around your brassicas... They look a little like cabbage
Netting is a very effective way to keep both moths &
butterflies (and most other pests) off your crops. Use
some stakes to put the netting over, and weigh it down on the
ground with rocks or stones. Old net curtains from the op
shop work well, or you can buy specialised insect
netting. Just remember though if you are looking to save
seed you will need to allow a pollinator inside to get to
Garlic sprays are helpful against chewing insects like
caterpillars, but require frequent applications to be
effective. DE is worth considering, but can also harm
The other option is Dipel - a product containing a bacteria
ONLY effective against caterpillars. You mix the powder
with water, and spray on your plants. It is safe for
humans, mammals and beneficial insects. Once ingested,
the bacteria will kill the caterpillar in 3-5 days.
Another caterpillar often seen around in winter are the
black 'fuzzy-wuzzy' caterpillars. These are NOT spitfires
(which solely feed on eucalypts and are found in clusters) but
the larvae of the small, native 'Tiger Moth'. So where
possible - try not to decimate these characters. Allow a
sacrificial plant to feed them if you can!
in the City
In an exciting first for Perth, a
friend of mine is developing a business to allow people to
experiment with having a couple of chooks in their back
yard. A rental/'try before you buy' option that comes
with a chook house, two point of lay chickens, feed &
support to allow you to see whether chooks will fit your
lifestyle. If you've never had chickens before, and don't
know what is involved in keeping them - this could be a
terrific option for you!
If you're interested, or know someone who is - contact
Hannah on 0433 899 970 for more details. Available
to schools, daycare centres, aged homes, etc. with an option
for on-going maintenance to take care of cleaning, etc.
And speaking about chooks - GLSC now has Biodynamic Chook
Feed available on our online
shop! 20kg bag is $39.50. Definitely no
Lawn Care in
Lawn is sometimes seen as not being environmentally
friendly. While the image of a water guzzling lawn in
certainly not a good thing, a certain amount of practical lawn
adds appeal to your home and can have some suprising other
Did you know that on a hot summer day natural turf is
50oC cooler than artificial turf, 30oC cooler than ashphalt and
15oC cooler than bare earth? And that the front lawns of
eight houses have the cooling effect of 70 tons of air
conditionioning? (The average home has an a/c of 3-4 ton
capacity)* So having some green around your home
certainly has it's benefits! Natural turf will last a
lifetime if correctly looked after - artificial turn requires
replacing every 7-10 years and - made from plastic - is an oil
based product and not biodegradable.
So if you have just the right amount of lawn and look after
it, there are certainly environmental benefits. Spring is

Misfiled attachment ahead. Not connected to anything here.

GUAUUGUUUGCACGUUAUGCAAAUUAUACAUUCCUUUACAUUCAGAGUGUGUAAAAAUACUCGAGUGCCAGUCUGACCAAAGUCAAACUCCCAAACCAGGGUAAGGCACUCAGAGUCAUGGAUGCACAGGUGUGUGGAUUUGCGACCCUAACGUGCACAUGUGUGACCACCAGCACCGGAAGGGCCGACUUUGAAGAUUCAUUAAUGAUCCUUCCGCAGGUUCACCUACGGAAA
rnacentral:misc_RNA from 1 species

the perfect time to give your lawn a little TLC and get it in
the best shape possible to survive the coming summer
Top dress with a fine layer of compost, or our specially
made top dress mix, and water in well. Our top dress mix
contains important minerals like Zeolite, Bentonite and Rock
Dust which provides trace elements and helps to build healthy
The advantage of using a compost based product is it works
to improve the soil structure rather than simply supplying
nutrients in a quick release, soluable form. By improving
soil structure you encourage deeper root growth which helps
your lawn be more drought tolerant.
Maintain strong healthy turf by spraying with liquid
fertiliser that contains seaweed, fish, organic compounds and
amino acids at four week intervals from October to March.
You can make your own compost tea, or look for one of several
brands of these low analysis fertilisers commercially
available. Always follow the instructions and never use
at a greater dilution rate than advised.
Encouraging strong growth also out competes weeds, which
should be monitored and removed regularly. Either
remove by hand or use a low toxicity treatment (there are now
several on the market) rather than a glysophate product.
Buffalo and Zoysia lawns are best maintained at a height of
20-25mm, and Couch; Kikuyu, Velvetene and Queensland Blue
should be kept at a height of 10 to 15mm. No more than one
third of the foliage should ever be removed when the lawns are
mowed, so they need to be cut whenever necessary to maintain
the specified heights.
Sharp, correctly set cylinder and rotary mowers are
essential to prevent tearing the blades of grass that encourage
penetration by insect pest and fungal disease spores.
Modern hand push reel mowers that cut all types of lawns
superbly and are easy to operate in confined spaces are now
available. Easy to use and practical - save money and
fuel, no noise to upset the neighbours, and you get some
Clippings are mostly water, decompose rapidly, re-cycle
nutrients that stimulate microbial activity and increase the
organic content of the soil. Normally we'd recommend you
leave them on the grass, but if you MUST remove them, use them
to make some good compost! They are a useful resource in
And lastly - think about how much lawn you really
NEED. They are lovely to have for relaxing and
entertaining, and provide a great play area for kids and pets -
but if it is a larger area than you need, consider turning some
of it into a low maintenence garden area. Or even a vegie
patch.... (Now, there's an idea!!!)
( * Source of data: Turf Australia)
Thanks also to Nick Bell for Turf Information.
What is it?
Mel Bartholomew is the ‘founder’
of Square Foot Garden – a concept that he launched in
1981. He has published books and made TV shows in the US